BLOND GHOST

TED SHACKLEY AND THE CIA'S CRUSADES

Nation Washington editor Corn delves thoroughly and with gusto into the career of Ted Shackley, one of the more shadowy CIA agents of the Cold War period. Shackley was the child of a broken home, son of an immigrant woman who bequeathed him his fluent Polish, a skill that landed him his first counterintelligence job in postwar Berlin. An intense but informed and intelligent patriot, he entered the CIA at its inception in 1947. His career, therefore, mirrors the development and fortunes of the agency itself. Shackley was in Miami to orchestrate assassination attempts on Castro; he was in Laos to organize the covert war against the Pathet Lao; he was in Vietnam, where, from his office in the Saigon embassy as chief of the East Asia Division, he earned the nickname ``Blond Ghost.'' (In 1975, back in the States, as he watched TV images of the embassy evacuation, his 11-year-old daughter found him weeping—a rare moment of emotion for a man portrayed here as cold, balanced, and ruthless.) Corn sounds a note of recrimination throughout this biography, which somewhat unfairly lays at Shackley's door such fiascos as the posting by an agency employee of a CIA-forged letter from a Thai Communist rebel to the Thai government in an attempt to foster divisions within that country's left (it was traced back to the CIA and caused a storm of anti-American protest in Thailand). The book might have benefited from the perspective of Shackley himself, who did not consent to be interviewed. By his own admission, Corn has used Shackley's career to open a window into the world of intelligence, and his book succeeds more as an account of the CIA's workings in general than as a portrait of one agent. A fairly absorbing read about the CIA, though the special significance of its protagonist isn't really established.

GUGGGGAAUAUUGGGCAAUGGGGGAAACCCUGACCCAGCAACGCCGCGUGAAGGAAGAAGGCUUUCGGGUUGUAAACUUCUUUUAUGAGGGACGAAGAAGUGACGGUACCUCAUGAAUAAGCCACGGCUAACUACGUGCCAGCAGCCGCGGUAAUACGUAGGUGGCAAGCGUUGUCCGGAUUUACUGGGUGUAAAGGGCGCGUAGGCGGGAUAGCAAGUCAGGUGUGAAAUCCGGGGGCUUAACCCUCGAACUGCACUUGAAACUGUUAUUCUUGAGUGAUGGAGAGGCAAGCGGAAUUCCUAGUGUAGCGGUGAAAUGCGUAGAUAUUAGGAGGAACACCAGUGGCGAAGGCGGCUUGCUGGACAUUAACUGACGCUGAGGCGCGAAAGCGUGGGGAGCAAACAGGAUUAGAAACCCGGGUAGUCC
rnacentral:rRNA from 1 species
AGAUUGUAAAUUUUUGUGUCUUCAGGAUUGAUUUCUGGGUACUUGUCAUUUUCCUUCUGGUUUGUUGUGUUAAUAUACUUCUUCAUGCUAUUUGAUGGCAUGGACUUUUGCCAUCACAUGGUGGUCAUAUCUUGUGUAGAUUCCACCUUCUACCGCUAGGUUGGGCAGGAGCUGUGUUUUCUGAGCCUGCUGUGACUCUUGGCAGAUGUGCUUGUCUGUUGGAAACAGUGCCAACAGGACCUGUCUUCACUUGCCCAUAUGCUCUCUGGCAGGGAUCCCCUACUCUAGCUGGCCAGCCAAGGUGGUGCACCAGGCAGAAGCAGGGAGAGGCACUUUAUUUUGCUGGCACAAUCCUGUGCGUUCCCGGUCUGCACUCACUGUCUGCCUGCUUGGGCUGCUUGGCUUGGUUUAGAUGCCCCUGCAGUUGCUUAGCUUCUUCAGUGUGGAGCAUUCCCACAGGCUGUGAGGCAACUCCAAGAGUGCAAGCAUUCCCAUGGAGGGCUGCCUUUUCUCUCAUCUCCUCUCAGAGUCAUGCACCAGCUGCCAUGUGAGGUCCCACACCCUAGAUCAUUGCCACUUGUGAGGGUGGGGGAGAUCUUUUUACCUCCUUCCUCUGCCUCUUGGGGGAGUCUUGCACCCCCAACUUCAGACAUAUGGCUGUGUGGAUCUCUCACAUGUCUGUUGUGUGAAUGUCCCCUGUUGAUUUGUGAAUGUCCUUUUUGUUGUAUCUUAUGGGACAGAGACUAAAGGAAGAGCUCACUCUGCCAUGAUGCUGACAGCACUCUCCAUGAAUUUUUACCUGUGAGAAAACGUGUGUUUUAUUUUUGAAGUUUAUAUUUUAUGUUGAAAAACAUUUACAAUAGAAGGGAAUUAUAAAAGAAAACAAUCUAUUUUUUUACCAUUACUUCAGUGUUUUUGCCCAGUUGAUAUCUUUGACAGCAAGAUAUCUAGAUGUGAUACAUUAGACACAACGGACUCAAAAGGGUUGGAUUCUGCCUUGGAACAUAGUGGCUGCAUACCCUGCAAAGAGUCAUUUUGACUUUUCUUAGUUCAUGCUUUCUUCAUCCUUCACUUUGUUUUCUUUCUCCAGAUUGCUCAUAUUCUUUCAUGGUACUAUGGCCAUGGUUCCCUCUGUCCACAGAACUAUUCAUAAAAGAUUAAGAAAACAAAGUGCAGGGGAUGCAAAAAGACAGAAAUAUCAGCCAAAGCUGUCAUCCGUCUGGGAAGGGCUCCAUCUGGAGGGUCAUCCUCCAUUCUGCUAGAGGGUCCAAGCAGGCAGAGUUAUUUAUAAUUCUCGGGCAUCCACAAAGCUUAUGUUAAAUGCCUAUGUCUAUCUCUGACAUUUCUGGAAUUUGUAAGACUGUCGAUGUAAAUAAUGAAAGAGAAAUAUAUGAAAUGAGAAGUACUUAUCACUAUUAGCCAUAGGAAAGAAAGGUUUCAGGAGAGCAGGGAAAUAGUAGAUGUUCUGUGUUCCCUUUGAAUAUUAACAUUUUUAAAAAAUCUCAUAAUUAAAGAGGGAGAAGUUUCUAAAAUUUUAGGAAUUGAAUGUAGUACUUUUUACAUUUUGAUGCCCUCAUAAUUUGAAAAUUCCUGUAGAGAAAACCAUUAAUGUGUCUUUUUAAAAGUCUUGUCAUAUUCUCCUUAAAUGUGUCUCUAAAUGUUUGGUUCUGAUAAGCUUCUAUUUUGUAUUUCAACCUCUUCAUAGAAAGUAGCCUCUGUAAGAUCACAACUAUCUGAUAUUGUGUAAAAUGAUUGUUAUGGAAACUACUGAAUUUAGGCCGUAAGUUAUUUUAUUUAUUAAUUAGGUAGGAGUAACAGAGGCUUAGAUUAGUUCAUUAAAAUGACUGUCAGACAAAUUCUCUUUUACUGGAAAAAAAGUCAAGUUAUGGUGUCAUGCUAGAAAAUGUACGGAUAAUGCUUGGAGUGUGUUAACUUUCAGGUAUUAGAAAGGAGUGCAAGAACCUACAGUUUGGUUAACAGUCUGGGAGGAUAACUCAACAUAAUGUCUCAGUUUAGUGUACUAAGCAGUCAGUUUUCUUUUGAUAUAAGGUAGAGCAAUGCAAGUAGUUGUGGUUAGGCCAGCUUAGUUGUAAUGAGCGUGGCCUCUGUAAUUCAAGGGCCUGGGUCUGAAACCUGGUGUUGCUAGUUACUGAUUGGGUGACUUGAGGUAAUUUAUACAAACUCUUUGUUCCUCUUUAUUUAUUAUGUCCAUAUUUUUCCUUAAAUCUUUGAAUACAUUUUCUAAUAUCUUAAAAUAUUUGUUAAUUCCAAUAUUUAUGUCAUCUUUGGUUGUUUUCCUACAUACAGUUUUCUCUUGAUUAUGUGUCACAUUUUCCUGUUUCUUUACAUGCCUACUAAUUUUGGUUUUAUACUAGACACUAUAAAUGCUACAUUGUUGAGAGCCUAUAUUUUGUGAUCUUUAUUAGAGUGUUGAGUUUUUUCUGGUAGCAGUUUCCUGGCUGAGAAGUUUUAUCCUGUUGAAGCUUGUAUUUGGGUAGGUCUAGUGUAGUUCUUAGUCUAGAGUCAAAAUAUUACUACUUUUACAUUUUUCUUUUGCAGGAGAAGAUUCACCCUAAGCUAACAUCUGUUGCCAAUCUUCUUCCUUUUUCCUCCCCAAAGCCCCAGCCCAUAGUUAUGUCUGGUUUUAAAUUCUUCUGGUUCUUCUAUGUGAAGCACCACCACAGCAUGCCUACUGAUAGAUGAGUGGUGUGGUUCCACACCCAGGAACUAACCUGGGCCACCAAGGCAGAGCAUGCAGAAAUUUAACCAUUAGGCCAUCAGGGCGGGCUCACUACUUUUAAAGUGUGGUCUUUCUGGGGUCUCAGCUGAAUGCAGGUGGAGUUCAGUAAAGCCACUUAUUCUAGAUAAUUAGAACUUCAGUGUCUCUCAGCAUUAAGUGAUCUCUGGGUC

Pub Date: Oct. 1, 1994

ISBN: 0-671-69525-8

Page Count: 560

Publisher: Simon & Schuster

Review Posted Online: May 20, 2010

Kirkus Reviews Issue: Aug. 15, 1994

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A Churchill-ian view of native history—Ward, that is, not Winston—its facts filtered through a dense screen of ideology.

AN INDIGENOUS PEOPLES' HISTORY OF THE UNITED STATES

Custer died for your sins. And so, this book would seem to suggest, did every other native victim of colonialism.